An article written by Edward Perry, founder of the frozen meal retailer COOK, caught my eye over the weekend and got me thinking about the delicate balance between responsible corporate governance and growing a young business. Perry uses the article to extol the virtues of a B Corp certification, both for his business and the wider corporate community. The B Corp certificate is awarded to for-profit businesses that can prove that they meet high standards of social and environmental sustainability. The assessment is solely undertaken by B Lab, a global non-profit organisation, meaning that the certificate doesn’t carry any legal weight in the UK.
Perry’s business is itself an interesting one; despite a turnover of over £35 million and a very healthy profit margin, COOK strives to retain a small business feel. Perry has said in the past that he “would rather crawl naked over broken glass than sell to supermarkets”, and his frozen meals to this day can only be found in farm shops, independent stores and the company’s own franchised line of shops. Yet COOK can clearly afford the vigorous rigmarole of getting B Corp certified, and as a manufacturer of frozen food, his business needs the positive publicity generated by supporting sustainability. As the general public become more conscientious when choosing their food, it pays for brands such as COOK to show that they make every attempt to source local, organic produce and pay their staff the living wage. COOK has seen a positive bounce from the B Corp certificate, and not only because of the effect of the media exposure caused by Perry’s vocal support of responsible corporate responsibility. The Kent-based company’s B Corp status is a major part of their brand identity in an attempt to eschew comparisons with competitors, particularly the controversy-dogged supermarket chains that have been hit by scandal after scandal in terms of both corporate governance and food quality, such as the scandalous widespread use of horse meat and Tesco’s ongoing struggles in the board room.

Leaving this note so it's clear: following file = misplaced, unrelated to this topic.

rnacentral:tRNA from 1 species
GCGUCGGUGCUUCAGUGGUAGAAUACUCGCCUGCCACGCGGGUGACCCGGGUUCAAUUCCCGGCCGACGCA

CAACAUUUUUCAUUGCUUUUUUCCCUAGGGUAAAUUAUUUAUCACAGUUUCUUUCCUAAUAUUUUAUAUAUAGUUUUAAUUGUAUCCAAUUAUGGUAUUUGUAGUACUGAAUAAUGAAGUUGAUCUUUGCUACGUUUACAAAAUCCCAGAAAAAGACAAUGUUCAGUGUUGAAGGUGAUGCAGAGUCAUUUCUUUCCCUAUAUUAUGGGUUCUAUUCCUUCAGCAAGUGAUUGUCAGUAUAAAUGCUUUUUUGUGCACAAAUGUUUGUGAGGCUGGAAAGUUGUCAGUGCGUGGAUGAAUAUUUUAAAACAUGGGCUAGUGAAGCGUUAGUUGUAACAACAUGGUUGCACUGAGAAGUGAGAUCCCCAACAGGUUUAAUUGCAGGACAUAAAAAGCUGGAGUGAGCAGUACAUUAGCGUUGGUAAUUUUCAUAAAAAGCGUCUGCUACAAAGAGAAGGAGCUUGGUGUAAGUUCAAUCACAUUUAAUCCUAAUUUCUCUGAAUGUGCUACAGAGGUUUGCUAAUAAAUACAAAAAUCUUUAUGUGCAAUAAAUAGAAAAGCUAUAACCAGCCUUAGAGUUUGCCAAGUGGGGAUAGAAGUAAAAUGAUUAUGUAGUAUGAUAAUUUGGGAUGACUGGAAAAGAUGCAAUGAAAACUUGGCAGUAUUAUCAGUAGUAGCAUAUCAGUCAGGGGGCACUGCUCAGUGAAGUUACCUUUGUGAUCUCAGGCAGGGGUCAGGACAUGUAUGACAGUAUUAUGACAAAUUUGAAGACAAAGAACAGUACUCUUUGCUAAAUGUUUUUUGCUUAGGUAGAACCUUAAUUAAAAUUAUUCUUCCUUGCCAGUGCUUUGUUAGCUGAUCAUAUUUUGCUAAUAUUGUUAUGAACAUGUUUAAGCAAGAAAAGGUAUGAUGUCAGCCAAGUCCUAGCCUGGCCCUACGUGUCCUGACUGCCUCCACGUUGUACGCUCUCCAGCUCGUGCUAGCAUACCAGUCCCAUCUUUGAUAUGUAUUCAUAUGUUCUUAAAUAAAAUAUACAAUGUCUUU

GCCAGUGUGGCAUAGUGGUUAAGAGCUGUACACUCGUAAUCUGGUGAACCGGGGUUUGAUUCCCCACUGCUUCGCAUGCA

However, should SMEs with tight margins, that are looking to grow, bear the considerable expense of becoming a certified B Corporation? Responsible corporate governance itself comes at a cost without the added effort and expense of a semi-formal certificate that requires considerable excellence. I agree that it is beneficial for small, growing businesses to operate in the best interests of its stakeholders. Setting up an equitable profit share for all stakeholders instead of traditional partnership structure is a good start, but some of the other B Corp requirements are not as feasible for SMEs. Adopting the living wage rather than the minimum wage, introducing employment programmes for disadvantaged communities and having an active working relationship with local charities are all requirements for a B Corp licence, yet are hard to implement from the outset for SMEs, particularly those that find access to any finance is blocked.
A cynic would say that any revolution in corporate governance will only come with changes in UK law, and any changes will affect SMEs with tight margins the most. It would take a brave CEO to take on the added financial burden of a Corp B without leeway on the balance sheet to cater for it. Moreover, the tangible effects of a certificate that, without any legal meaning, is a badge as much as anything else, are unlikely to be seen so clearly in a company that operates outside sectors such as retail and food, for example. More responsible corporate governance needs outside-the-box thinking from CEOs and a firm nudge in the back from the Government to ensure that UK SMEs can afford to contribute beneficially.
For what it’s worth, in my opinion the COOK meals are delicious; running a company sustainably, responsibly and profitably has had no negative effect on the quality of their produce!